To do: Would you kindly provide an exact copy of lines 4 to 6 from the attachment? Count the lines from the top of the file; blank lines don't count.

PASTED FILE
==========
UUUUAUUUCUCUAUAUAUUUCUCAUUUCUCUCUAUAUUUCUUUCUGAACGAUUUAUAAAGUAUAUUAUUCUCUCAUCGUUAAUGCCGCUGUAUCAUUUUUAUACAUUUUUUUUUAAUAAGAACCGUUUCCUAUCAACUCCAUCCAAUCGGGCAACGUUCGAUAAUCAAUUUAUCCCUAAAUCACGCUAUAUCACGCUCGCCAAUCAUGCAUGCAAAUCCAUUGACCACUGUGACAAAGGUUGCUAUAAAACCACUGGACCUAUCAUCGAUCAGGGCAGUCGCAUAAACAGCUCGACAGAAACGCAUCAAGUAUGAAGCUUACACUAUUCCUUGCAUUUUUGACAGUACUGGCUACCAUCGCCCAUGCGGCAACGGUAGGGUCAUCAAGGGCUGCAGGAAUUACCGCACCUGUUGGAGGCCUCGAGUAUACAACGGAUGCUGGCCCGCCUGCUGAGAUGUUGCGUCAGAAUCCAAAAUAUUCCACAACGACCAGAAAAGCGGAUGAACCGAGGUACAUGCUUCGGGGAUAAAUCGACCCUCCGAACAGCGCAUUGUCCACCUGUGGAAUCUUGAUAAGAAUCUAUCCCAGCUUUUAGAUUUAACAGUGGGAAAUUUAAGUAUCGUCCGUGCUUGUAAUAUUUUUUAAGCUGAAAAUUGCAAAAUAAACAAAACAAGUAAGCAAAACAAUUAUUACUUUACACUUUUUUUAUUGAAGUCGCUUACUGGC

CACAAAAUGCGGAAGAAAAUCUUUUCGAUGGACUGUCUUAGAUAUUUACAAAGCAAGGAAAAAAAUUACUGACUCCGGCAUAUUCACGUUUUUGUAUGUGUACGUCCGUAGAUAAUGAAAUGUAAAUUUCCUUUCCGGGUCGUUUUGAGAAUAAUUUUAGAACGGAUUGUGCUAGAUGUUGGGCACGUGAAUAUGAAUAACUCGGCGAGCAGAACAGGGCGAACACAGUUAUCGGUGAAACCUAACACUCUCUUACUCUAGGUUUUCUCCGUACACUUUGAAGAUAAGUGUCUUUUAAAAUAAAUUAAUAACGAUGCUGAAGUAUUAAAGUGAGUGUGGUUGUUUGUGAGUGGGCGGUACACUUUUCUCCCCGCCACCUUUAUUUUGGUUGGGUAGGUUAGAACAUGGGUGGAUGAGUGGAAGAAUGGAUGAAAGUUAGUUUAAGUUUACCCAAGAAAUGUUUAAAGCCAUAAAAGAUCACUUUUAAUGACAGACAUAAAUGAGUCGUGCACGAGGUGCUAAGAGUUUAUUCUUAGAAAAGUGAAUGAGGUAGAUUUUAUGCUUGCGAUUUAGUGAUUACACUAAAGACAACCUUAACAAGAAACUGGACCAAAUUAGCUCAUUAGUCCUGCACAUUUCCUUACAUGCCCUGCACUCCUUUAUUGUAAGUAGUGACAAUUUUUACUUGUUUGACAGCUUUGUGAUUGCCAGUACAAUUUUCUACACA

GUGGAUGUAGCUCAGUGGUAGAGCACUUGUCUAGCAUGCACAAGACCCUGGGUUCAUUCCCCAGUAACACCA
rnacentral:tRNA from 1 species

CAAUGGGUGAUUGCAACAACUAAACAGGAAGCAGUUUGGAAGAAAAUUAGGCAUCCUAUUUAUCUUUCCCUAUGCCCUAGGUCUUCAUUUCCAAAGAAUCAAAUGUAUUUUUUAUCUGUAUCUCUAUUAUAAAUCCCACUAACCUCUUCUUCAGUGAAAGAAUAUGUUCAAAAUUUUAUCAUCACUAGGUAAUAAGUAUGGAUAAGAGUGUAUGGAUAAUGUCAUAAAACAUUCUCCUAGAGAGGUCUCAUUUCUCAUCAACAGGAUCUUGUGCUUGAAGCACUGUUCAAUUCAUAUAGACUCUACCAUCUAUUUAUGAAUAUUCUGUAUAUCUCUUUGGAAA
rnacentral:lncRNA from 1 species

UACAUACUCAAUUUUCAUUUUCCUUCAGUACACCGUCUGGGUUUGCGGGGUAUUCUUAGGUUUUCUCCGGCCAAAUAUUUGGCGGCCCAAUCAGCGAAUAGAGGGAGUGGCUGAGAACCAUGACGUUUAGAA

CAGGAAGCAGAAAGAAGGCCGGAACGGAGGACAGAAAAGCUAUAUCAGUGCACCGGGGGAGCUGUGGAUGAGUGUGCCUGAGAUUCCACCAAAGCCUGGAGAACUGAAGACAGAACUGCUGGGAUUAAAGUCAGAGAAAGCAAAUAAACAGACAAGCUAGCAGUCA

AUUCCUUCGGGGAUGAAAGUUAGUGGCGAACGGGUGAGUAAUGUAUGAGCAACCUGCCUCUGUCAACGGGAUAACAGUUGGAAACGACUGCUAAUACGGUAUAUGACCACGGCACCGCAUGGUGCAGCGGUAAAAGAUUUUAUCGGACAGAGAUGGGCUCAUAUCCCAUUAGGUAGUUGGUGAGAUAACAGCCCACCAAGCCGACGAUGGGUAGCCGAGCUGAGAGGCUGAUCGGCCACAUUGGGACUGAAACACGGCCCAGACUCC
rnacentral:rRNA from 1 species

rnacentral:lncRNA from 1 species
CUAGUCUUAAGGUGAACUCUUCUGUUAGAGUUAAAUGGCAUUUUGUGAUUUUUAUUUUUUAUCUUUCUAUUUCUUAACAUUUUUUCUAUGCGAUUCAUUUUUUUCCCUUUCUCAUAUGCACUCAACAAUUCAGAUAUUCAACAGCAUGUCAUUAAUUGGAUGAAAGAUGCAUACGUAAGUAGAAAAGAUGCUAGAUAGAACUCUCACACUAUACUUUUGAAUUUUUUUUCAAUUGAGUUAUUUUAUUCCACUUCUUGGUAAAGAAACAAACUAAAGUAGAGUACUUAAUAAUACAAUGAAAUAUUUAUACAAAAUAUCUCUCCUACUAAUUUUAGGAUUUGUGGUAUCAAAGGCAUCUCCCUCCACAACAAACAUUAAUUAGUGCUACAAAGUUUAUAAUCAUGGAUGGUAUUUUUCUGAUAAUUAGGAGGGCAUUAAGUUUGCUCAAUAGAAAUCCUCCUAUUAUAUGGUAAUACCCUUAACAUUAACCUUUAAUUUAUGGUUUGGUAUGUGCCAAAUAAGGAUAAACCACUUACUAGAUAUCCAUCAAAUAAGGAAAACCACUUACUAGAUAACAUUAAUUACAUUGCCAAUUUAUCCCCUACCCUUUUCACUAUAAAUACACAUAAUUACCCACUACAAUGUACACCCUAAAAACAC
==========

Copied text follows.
rnacentral:tRNA from 1 species

CAAUGGGUGAUUGCAACAACUAAACAGGAAGCAGUUUGGAAGAAAAUUAGGCAUCCUAUUUAUCUUUCCCUAUGCCCUAGGUCUUCAUUUCCAAAGAAUCAAAUGUAUUUUUUAUCUGUAUCUCUAUUAUAAAUCCCACUAACCUCUUCUUCAGUGAAAGAAUAUGUUCAAAAUUUUAUCAUCACUAGGUAAUAAGUAUGGAUAAGAGUGUAUGGAUAAUGUCAUAAAACAUUCUCCUAGAGAGGUCUCAUUUCUCAUCAACAGGAUCUUGUGCUUGAAGCACUGUUCAAUUCAUAUAGACUCUACCAUCUAUUUAUGAAUAUUCUGUAUAUCUCUUUGGAAA
rnacentral:lncRNA from 1 species